John Cleaver is a bullied teenager working at the family funeral home in Clayton, a small midwestern town. He walks around in a perpetual state of melancholy and has only one friend. He is diagnosed as a sociopath and exhibits characteristics common among adult serial killers. He has a fascination with famous serial killers. He has homicidal thoughts and lives by a code to keep living a normal life.
When Clayton has it’s first murder in as long as anyone can remember, John is fascinated by the case. As he tries to profile the killer and delves deeper into the killer’s habits he is forced confront a number of demons; not only the killer’s but also his own.
John may sound like a psycho but instead, he is an endearing character wrestling with his condition and the general anxiety of being a teenage boy growing up in a small town where everyone knows each other. The “Dexter in training” comments are overused. This is a very original story.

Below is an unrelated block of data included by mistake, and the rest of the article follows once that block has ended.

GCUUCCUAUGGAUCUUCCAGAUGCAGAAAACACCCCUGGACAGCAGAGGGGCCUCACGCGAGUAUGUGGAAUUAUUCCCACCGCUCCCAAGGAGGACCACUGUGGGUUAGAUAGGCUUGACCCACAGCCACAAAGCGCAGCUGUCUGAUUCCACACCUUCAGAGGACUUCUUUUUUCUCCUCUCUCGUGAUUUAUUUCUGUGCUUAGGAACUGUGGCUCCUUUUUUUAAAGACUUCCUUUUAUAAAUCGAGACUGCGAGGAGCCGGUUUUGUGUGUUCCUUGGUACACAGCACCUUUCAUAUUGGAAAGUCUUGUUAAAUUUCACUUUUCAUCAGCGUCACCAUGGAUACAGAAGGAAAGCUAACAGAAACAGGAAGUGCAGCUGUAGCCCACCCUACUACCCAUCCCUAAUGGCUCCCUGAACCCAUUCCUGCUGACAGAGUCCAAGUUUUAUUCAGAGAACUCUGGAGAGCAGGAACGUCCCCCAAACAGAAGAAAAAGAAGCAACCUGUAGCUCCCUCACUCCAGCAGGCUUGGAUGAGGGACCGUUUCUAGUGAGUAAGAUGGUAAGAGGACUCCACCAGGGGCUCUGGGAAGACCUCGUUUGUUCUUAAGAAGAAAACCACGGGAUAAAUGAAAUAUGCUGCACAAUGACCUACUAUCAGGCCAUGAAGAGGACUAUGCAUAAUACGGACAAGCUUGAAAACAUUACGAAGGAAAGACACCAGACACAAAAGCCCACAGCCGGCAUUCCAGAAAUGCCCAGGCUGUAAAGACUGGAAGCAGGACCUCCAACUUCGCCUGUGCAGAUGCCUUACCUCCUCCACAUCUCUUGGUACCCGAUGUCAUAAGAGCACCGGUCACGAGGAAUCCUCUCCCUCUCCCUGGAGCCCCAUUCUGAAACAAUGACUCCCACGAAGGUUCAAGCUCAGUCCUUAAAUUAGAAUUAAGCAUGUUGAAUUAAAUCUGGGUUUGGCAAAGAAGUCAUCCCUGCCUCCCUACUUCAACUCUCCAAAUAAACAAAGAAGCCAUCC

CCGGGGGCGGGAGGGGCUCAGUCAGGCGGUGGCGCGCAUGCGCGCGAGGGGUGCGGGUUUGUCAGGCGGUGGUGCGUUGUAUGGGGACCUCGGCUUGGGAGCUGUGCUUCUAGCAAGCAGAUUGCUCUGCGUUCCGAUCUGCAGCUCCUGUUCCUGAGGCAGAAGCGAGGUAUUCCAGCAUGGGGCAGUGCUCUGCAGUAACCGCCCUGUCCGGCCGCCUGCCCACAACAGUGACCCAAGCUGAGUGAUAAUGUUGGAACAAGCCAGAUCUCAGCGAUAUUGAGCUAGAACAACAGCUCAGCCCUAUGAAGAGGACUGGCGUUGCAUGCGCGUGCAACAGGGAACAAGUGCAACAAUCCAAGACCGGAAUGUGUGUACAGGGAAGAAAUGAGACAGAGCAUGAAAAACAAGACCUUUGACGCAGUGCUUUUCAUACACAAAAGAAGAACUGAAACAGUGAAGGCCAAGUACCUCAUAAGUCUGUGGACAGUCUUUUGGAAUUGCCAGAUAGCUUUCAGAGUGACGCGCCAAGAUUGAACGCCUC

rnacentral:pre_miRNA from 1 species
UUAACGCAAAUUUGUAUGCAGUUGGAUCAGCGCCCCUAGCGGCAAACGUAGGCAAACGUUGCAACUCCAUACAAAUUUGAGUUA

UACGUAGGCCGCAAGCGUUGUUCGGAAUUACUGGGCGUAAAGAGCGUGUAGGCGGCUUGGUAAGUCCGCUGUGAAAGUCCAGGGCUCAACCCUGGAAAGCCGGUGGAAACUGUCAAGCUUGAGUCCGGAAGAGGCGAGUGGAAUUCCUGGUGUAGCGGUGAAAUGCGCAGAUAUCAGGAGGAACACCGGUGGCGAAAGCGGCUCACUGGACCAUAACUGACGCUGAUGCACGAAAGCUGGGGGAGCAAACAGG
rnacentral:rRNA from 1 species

The acting from Max Records as John and the rest of the cast is top-notch. Christopher Lloyd is amazing, as always. The town of Clayton resembles every other midwestern town you may have ever visited, including the more depressed neighborhoods typically not shown in movies or on television. The atmosphere is appropriate for the paranoia that sets in. The behavior of the town changes as the holiday season mood shifts from friendly and upbeat to sad and angry. The streets become desolate.
An over-the-top tv news reporter makes a few appearances with updates throughout the investigation. He is fairly entertaining because he is so excited about the killing. It is easy to picture a small market reporter putting the story on his resume reel as he pursues his dream of jumping to the network. We do not get any other glimpse into the police investigation. That keeps our point of view mirroring John’s, though.
The gore is minimal and the killing is fairly discreet, for lack of a better word. That takes nothing away from this film.
I Am Not a Serial Killer is a stellar story to be appreciated by any horror, thriller or mystery fan.
TRT: 104 minutes
Final Cut 46 (92%)
Side note: Look closely at the photos in the VFW scene. If you recognize anyone other than the main actor highlighted in the shot, please let us know. There is something oddly familiar about the picture to the right of the actor but we have not been able to ID. –Rick